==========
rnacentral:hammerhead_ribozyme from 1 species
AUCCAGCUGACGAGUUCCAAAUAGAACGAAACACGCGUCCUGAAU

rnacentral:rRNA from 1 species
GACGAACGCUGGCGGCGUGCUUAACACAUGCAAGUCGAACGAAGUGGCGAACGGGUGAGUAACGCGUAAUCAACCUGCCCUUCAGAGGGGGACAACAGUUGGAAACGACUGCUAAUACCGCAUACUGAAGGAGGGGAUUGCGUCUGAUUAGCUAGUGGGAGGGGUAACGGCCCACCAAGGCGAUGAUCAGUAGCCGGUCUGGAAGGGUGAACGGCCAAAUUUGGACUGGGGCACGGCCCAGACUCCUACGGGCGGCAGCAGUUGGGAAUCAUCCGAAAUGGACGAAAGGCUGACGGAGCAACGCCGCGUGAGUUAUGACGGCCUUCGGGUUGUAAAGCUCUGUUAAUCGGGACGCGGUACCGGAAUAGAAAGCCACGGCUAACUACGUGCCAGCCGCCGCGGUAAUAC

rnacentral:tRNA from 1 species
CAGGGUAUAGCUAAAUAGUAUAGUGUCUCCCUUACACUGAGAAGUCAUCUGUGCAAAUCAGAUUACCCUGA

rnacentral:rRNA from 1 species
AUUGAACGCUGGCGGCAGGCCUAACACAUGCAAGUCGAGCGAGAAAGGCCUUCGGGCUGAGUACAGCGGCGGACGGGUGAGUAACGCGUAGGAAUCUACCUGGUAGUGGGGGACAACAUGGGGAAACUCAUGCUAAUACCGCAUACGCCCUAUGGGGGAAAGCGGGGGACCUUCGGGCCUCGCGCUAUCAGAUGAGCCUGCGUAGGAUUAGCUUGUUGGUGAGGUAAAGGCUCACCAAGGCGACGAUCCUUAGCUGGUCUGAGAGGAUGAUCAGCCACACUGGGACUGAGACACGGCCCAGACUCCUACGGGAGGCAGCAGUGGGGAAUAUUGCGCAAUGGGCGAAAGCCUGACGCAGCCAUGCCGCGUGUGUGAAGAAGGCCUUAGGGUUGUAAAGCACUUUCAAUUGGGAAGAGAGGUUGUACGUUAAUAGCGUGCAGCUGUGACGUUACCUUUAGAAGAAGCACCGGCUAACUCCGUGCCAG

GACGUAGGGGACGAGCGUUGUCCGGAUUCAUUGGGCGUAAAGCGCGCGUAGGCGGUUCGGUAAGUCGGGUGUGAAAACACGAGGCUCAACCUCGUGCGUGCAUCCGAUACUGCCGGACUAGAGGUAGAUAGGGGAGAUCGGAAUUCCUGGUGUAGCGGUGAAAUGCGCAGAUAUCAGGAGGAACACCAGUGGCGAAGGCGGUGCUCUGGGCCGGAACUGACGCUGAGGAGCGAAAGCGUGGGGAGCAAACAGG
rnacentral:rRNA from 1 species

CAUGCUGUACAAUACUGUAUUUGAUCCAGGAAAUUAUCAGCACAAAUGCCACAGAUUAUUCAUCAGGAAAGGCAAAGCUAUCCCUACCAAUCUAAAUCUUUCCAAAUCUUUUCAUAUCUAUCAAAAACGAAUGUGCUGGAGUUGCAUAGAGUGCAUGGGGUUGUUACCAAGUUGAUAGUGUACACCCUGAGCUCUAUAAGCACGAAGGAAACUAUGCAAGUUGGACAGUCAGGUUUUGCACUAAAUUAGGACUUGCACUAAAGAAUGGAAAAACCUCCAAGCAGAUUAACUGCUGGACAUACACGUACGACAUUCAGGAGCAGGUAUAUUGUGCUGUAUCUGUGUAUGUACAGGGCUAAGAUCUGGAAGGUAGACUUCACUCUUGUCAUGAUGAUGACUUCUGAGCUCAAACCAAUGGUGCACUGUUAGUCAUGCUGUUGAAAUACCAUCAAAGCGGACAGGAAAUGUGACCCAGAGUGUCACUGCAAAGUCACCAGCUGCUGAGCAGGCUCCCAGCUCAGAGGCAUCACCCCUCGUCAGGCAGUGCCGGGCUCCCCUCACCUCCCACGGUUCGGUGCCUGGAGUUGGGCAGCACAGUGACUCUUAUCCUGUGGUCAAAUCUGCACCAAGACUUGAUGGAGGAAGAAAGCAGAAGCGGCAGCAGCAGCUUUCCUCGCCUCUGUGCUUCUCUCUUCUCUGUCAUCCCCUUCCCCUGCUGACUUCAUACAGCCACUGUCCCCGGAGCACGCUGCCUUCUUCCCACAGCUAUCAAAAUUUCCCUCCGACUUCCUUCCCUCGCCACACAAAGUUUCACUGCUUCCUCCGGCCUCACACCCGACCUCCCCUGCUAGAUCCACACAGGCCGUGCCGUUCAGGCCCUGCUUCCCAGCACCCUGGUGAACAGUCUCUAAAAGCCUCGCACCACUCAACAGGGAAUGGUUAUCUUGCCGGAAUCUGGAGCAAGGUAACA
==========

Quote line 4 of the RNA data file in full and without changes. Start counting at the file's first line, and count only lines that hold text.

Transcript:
GACGAACGCUGGCGGCGUGCUUAACACAUGCAAGUCGAACGAAGUGGCGAACGGGUGAGUAACGCGUAAUCAACCUGCCCUUCAGAGGGGGACAACAGUUGGAAACGACUGCUAAUACCGCAUACUGAAGGAGGGGAUUGCGUCUGAUUAGCUAGUGGGAGGGGUAACGGCCCACCAAGGCGAUGAUCAGUAGCCGGUCUGGAAGGGUGAACGGCCAAAUUUGGACUGGGGCACGGCCCAGACUCCUACGGGCGGCAGCAGUUGGGAAUCAUCCGAAAUGGACGAAAGGCUGACGGAGCAACGCCGCGUGAGUUAUGACGGCCUUCGGGUUGUAAAGCUCUGUUAAUCGGGACGCGGUACCGGAAUAGAAAGCCACGGCUAACUACGUGCCAGCCGCCGCGGUAAUAC